Archive for janvier, 2017

Getting started with Juniper SRX platform [en]

vendredi, janvier 6th, 2017

I started to play with the Juniper SRX platform a few month ago. I got a SRX 220 on loan from Rafael and i bought a SRX100 for my experimentations. The JunOS operating system installed on the boxes is heavily based on FreeBSD, so we’re in familar Unix-land. This is going to be fun. 🙂

I have access to lab documentation, but i will not exactly reproduce the setup from the books: there will be some adaptations (mainly about port numbering) that will fit my lab setup, since I will work on those devices from a remote location and i will not enjoy 100% physical access during my exercises. To make matters even more interesting, i still have my old ADSL connection that will be used as a separate internet access.

The default configuration is a simple NATing firewall/router, similar to the one you might expect from a stock OpenWRT installation. There is a web interface, but i will just ignore it, so let’s dig out the Cisco serial cable and connect to the console port.

Configuring the SRXes over serial port is nice, but they are available only in limited quantity on my Terminator server, so we will start by setting up the devices for a more convenient ssh access from my home network. The config statements allow for comments: they start with the character ‘#’ and the commands will be peppered with them, so you can copy-paste huge blocks of text at once.

We will start with the SRX100: the management port is connected to port 7 on the firewall

# Set system root password (REQUIRED)
set system root-authentication plain-text-password 

# Check if config passes
commit check 

# Remove interface from bridge
delete interfaces fe-0/0/7 unit 0 

# Add ssh pubkey
set system root-authentication ssh-rsa "ssh-rsa AAAAB3NzaC1yc2EAAAADAQABAAABAQC98TAUD9PPuzRj5uyHWlxZiXGLm1JI7T2hPNwmW9pU5V/guoJ90VTNQ7lugEoX8HYxB7JC0/RA5ogJBkhcQHIAMIGT6yM7F2zzVv9LadbiMU0KrB2dZVmPKKxi49uqqj+d8zIWTbm4tLf7xdF42kr7c2AUl1kYzaD1ymlAXSavvHTg7y/h2/mZ36F7WZmVwa7Q6iI5Vuca66lauwGgl1ETS2lwneQn+CWDZFMSFDT9TmphR8mpISi8063oTwvvHa/t0bpeQnKltg1iqM2YGTlIGTgXuEWsiAARfF96zhOUAXseA9WHeCTDUITmycFau4+ILxVH47Z6oC11W52BtwIf frederic@pekko"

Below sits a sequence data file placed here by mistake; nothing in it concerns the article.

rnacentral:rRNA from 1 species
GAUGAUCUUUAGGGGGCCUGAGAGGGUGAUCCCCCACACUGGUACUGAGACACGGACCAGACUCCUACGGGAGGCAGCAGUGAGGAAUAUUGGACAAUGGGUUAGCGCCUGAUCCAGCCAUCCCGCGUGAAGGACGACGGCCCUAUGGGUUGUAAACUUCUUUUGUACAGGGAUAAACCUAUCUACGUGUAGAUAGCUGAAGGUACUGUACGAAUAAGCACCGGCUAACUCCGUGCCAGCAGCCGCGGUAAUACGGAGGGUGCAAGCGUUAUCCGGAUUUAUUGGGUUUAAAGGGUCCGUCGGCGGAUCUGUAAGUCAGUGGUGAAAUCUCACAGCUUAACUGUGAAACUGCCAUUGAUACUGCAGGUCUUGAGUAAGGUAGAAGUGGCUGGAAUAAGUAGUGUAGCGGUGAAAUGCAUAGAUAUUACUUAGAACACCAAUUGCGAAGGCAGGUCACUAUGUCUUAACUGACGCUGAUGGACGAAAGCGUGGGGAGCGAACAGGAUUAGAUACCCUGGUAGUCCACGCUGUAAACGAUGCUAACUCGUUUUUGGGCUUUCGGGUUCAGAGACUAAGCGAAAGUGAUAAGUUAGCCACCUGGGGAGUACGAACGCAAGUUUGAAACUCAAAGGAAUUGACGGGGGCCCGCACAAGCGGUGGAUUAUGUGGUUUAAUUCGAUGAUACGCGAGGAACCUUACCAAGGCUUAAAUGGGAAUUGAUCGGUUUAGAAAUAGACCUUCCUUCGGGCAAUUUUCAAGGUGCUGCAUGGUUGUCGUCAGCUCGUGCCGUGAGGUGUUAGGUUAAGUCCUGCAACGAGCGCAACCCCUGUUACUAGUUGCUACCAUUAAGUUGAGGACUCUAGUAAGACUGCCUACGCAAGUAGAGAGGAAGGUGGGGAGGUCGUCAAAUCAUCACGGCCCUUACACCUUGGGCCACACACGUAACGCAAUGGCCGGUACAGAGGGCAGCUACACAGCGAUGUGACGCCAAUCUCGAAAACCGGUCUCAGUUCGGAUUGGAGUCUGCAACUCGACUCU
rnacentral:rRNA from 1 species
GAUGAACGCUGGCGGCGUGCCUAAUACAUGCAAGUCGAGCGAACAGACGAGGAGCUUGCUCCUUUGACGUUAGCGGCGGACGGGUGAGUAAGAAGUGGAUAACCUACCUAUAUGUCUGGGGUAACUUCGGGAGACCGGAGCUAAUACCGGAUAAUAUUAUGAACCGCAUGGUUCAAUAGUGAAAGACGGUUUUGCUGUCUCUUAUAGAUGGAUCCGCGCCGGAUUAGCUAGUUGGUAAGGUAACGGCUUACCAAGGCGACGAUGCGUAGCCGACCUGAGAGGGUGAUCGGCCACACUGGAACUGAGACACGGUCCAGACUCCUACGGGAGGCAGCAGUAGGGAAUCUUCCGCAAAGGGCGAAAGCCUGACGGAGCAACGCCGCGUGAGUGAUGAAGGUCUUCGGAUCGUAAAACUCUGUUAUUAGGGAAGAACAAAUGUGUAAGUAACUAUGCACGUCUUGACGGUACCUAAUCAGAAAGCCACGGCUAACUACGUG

# Set IP address
set interfaces fe-0/0/7 unit 0 family inet address 192.168.4.60/26

# Put interface into mgmt zone and activate services
set security zones security-zone mgmt interfaces fe-0/0/7.0 host-inbound-traffic system-services http
set security zones security-zone mgmt interfaces fe-0/0/7.0 host-inbound-traffic system-services https
set security zones security-zone mgmt interfaces fe-0/0/7.0 host-inbound-traffic system-services ssh
set security zones security-zone mgmt interfaces fe-0/0/7.0 host-inbound-traffic system-services ping

# save changes
commit

# From now, ssh is available and we can disconnect the serial interface. It won’t be used for the rest of the experimentations unless we need to move the management interface to another port. Now, let’s set up PPPoE…

set interfaces fe-0/0/0 unit 0 encapsulation ppp-over-ether
set interfaces pp0 unit 0 ppp-options chap local-name <YOUR_USERNAME>
set interfaces pp0 unit 0 ppp-options chap default-chap-secret <YOUR_PASSWORD>
set interfaces pp0 unit 0 pppoe-options underlying-interface fe-0/0/0.0
set interfaces pp0 unit 0 pppoe-options client
# When using PPPoE, always set MTU to 1492
set interfaces pp0 unit 0 family inet mtu 1492
set interfaces pp0 unit 0 family inet negotiate-address
# Explicitly tell to use the PPPoE interface as default route
set routing-options static route 0.0.0.0/0 next-hop pp0.0 metric 0
commit

At that point, the PPPoE session is established. Let’s check it:

run show interfaces terse

<snip>
...
</snip>
pimd up up 
pime up up 
pp0 up up
pp0.0 up up inet 62.235.222.80 --> 62.235.222.1
ppd0 up up
ppe0 up up
st0 up up
tap up up
vlan up up
vlan.0 up up inet 192.168.1.1/24

This looks good ! We have an IP address from our ISP ! Let’s attack the SRX220…